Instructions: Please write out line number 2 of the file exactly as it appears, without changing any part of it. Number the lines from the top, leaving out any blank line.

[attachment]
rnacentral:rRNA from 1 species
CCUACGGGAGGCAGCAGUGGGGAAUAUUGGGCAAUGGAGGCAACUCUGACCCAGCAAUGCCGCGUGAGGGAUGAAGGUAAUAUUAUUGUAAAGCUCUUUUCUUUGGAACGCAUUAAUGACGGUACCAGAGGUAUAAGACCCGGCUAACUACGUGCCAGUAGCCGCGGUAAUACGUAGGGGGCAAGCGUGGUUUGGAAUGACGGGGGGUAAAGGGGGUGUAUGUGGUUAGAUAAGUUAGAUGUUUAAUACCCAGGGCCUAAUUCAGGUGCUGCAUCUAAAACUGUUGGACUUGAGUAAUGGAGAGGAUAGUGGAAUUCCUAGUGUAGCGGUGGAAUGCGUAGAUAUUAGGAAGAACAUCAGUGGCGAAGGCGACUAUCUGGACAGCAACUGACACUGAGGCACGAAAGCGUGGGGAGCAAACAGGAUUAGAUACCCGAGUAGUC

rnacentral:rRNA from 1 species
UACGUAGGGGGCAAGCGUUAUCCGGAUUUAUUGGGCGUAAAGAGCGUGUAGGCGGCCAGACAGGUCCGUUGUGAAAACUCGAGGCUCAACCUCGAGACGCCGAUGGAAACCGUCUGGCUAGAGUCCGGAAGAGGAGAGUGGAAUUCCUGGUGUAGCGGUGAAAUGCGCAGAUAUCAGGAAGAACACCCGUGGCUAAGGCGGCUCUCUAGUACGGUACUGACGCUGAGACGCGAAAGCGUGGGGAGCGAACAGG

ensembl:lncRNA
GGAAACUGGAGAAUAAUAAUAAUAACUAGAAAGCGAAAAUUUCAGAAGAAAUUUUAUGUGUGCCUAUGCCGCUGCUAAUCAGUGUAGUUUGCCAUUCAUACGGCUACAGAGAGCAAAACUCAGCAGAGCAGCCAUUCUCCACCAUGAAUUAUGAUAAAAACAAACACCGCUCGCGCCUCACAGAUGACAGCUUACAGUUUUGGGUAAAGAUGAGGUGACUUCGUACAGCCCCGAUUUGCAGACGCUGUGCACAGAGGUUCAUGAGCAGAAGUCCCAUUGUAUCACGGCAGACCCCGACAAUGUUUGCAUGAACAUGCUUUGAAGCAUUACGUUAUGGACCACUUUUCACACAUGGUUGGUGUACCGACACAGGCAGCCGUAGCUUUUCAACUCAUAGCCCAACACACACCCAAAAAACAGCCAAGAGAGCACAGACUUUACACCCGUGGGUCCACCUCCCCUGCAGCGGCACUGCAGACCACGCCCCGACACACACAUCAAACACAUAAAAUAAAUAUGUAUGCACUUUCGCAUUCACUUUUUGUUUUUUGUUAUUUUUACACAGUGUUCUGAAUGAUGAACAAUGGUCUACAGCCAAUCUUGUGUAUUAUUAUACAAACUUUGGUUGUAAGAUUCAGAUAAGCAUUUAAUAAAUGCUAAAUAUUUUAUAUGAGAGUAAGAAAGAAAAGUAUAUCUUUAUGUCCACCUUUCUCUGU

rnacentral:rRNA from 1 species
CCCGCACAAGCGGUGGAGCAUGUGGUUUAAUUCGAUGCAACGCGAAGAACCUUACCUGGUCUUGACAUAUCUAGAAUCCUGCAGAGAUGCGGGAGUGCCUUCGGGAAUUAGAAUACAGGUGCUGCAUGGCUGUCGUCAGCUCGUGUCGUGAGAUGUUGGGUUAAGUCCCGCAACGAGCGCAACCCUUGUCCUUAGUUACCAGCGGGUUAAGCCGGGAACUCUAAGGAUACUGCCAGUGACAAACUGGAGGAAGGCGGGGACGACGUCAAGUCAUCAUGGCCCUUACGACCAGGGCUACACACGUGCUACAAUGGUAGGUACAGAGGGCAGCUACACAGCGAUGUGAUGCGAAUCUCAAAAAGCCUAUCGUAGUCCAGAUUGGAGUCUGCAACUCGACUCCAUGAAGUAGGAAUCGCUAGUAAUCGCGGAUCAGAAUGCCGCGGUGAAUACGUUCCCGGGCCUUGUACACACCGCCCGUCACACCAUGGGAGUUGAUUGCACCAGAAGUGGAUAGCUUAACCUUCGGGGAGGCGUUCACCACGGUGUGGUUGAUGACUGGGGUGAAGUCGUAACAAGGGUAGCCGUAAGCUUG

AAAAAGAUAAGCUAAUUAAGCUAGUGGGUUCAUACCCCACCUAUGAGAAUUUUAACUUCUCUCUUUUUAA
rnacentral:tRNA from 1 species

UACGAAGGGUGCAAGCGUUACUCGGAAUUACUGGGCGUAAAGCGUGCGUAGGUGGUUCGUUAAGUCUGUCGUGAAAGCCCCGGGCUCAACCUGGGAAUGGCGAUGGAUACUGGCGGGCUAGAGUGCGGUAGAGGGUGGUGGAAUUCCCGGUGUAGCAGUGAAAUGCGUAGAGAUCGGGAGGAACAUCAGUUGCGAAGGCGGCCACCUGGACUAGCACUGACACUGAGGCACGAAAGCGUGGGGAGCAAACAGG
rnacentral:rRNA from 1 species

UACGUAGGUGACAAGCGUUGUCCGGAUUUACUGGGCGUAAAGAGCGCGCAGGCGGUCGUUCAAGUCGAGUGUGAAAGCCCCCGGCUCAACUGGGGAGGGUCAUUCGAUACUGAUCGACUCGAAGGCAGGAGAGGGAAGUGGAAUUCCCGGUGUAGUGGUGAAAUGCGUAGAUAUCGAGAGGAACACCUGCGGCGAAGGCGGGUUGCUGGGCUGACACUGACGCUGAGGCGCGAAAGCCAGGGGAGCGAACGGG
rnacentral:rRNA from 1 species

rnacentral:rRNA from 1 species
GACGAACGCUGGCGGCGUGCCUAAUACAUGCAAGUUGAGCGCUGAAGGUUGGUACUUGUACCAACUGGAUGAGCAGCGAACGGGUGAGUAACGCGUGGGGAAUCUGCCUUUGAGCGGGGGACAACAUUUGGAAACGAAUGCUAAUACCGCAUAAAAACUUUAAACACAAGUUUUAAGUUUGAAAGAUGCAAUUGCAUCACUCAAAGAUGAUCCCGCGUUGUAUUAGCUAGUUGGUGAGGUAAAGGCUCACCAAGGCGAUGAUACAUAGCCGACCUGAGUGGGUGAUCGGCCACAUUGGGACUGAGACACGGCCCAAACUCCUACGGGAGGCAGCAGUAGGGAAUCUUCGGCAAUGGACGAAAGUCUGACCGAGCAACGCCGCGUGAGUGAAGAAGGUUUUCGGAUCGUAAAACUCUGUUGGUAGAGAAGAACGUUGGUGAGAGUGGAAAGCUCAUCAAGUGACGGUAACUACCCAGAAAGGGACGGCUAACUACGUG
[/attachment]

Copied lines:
CCUACGGGAGGCAGCAGUGGGGAAUAUUGGGCAAUGGAGGCAACUCUGACCCAGCAAUGCCGCGUGAGGGAUGAAGGUAAUAUUAUUGUAAAGCUCUUUUCUUUGGAACGCAUUAAUGACGGUACCAGAGGUAUAAGACCCGGCUAACUACGUGCCAGUAGCCGCGGUAAUACGUAGGGGGCAAGCGUGGUUUGGAAUGACGGGGGGUAAAGGGGGUGUAUGUGGUUAGAUAAGUUAGAUGUUUAAUACCCAGGGCCUAAUUCAGGUGCUGCAUCUAAAACUGUUGGACUUGAGUAAUGGAGAGGAUAGUGGAAUUCCUAGUGUAGCGGUGGAAUGCGUAGAUAUUAGGAAGAACAUCAGUGGCGAAGGCGACUAUCUGGACAGCAACUGACACUGAGGCACGAAAGCGUGGGGAGCAAACAGGAUUAGAUACCCGAGUAGUC